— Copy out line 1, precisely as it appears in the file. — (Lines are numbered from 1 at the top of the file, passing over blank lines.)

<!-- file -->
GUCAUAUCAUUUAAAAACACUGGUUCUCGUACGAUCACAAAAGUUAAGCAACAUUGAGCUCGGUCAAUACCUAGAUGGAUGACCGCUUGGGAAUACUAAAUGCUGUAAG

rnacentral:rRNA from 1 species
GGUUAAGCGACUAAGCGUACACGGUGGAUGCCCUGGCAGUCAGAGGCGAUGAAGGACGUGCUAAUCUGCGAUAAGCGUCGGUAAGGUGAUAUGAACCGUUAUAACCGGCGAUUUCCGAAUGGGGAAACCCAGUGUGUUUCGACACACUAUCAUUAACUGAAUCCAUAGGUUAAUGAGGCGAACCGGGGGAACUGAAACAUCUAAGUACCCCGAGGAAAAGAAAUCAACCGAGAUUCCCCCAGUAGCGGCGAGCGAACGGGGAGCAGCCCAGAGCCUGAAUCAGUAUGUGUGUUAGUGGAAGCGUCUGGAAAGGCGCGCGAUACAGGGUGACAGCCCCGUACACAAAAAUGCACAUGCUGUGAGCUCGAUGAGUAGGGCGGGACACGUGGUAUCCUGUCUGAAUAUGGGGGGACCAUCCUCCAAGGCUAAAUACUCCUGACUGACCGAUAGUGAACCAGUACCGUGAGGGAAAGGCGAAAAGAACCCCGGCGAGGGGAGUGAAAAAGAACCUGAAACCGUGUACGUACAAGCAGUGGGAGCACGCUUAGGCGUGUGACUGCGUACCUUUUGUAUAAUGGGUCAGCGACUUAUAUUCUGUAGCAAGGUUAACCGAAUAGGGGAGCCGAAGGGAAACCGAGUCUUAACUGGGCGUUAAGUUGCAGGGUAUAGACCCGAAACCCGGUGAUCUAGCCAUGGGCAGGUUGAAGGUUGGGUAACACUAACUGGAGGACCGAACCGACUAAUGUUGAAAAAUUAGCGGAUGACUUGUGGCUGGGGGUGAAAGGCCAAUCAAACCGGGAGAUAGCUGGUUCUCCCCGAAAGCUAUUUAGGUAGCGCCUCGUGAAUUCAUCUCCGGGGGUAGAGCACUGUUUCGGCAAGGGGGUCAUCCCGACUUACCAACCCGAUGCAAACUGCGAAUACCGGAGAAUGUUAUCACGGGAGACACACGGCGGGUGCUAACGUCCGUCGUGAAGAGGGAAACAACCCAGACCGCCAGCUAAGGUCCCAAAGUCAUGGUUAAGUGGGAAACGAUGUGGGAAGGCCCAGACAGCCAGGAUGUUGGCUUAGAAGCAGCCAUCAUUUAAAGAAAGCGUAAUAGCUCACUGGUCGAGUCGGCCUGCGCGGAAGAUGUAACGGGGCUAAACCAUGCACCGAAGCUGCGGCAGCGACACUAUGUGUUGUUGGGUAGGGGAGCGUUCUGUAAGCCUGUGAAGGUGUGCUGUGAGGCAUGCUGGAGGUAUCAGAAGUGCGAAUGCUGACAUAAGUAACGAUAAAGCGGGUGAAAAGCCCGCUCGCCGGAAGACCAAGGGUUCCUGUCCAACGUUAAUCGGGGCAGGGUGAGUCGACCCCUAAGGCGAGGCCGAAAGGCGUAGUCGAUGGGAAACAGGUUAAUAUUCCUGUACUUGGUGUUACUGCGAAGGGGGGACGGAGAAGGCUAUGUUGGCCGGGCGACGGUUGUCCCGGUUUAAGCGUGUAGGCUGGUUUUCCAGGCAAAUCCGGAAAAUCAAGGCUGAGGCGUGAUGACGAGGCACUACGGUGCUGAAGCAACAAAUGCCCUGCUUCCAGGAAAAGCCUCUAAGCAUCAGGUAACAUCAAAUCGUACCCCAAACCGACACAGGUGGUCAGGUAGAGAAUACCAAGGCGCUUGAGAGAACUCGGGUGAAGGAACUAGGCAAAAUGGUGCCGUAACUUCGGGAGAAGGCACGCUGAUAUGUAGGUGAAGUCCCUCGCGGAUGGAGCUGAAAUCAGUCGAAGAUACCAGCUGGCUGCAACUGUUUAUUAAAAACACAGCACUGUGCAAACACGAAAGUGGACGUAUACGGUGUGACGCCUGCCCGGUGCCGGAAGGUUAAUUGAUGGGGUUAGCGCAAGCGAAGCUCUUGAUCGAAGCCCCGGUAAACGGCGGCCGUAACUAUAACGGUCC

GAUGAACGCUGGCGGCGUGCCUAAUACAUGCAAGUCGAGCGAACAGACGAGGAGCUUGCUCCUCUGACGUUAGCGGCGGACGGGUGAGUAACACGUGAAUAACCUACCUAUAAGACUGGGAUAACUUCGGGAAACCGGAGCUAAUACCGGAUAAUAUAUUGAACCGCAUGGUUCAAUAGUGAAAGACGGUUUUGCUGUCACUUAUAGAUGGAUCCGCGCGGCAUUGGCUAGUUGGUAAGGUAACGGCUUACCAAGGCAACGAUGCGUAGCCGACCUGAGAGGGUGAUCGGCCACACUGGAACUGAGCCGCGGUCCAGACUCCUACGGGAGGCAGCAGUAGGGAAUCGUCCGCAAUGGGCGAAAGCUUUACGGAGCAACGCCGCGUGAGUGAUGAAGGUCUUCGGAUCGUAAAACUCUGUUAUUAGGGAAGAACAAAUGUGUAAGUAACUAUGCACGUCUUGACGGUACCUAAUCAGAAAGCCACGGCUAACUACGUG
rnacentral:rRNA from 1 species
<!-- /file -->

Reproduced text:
GUCAUAUCAUUUAAAAACACUGGUUCUCGUACGAUCACAAAAGUUAAGCAACAUUGAGCUCGGUCAAUACCUAGAUGGAUGACCGCUUGGGAAUACUAAAUGCUGUAAG